Monster FibLooking for a job? Don't go to online recruiter Monster Worldwide ( MWW) for help. Literally, don't go there. Monster Worldwide, the parent of Monster.com, announced it was cutting 200 jobs from its global work force Monday, reducing it to around 5,600 people. The company said the layoffs have no connection to Monster's acquisition of HotJobs from Yahoo ( YHOO) earlier this month for $225 million in cash.
Apple Sheds Its Soft CoreApple ( AAPL) no longer wants to be accused of being soft core. Apple is banning many sexually suggestive applications for its iPhone, according to Tuesday's New York Times. In a move that surprised many application developers, the company is cracking down on so-called apps that feature photos of women in bikinis and lingerie. Apple said the new policy comes in response to widespread complaints from App Store users. "It came to the point where we were getting customer complaints from women who found the content getting too degrading and objectionable, as well as parents who were upset with what their kids were able to see," said Philip W. Schiller, head of worldwide product marketing at Apple.
CBS's Supreme CheapnessWe are starting to think that CBS ( CBS) stands for Cheap Broadcasting System. Six years and multiple court cases after Janet Jackson's infamous Super Bowl "wardrobe malfunction," CBS argued on Tuesday that it should not pay the $550,000 penalty for the half-second of semi-nudity. The 3rd Circuit Court of Appeals in Philadelphia tossed the Federal Communications Commission's fine against CBS as arbitrary, but the U.S. Supreme Court stepped in and sent it back down for review. FCC lawyer Jacob Lewis argued Tuesday that CBS was warned in advance that its 2004 halftime performers might add some shock value to the song and dance routine. Said Lewis, "While fleeting, it was patently offensive."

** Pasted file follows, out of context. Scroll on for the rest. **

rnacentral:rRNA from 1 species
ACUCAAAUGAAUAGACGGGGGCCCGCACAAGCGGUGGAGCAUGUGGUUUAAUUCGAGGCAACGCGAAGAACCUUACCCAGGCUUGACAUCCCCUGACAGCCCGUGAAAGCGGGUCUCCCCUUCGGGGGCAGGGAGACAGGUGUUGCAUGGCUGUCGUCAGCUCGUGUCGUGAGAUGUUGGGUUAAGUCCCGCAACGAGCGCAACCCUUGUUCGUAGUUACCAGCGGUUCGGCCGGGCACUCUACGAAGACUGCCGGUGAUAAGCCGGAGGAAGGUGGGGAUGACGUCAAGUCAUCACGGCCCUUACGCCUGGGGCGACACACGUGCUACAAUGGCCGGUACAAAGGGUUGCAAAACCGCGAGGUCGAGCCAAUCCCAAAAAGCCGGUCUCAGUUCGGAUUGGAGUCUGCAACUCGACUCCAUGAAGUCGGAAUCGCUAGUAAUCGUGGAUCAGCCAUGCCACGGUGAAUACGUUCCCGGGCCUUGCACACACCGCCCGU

Glaxo Loses GripIt's no big deal that GlaxoSmithKline ( GSK) is changing its denture cream formula. In the face of mounting problems with Poligrip and its diabetes drug Avandia, the company's shareholders don't have much to smile about anyway. Glaxo announced late last week it will remove zinc from its Poligrip denture cream formulas amid dozens of lawsuits claiming years of excessive use caused neurological damage and blood problems in consumers. The company, which reported more than $520 million in denture adhesive sales last year, plans to reformulate the creams without zinc. In a consumer advisory on its Web site, the company announced the switch, saying that it had "become aware" of potential health problems with its denture adhesive products. Glaxo stressed that the products are safe when used as directed, but that some people go overboard and use too much cream to correct ill-fitting dentures.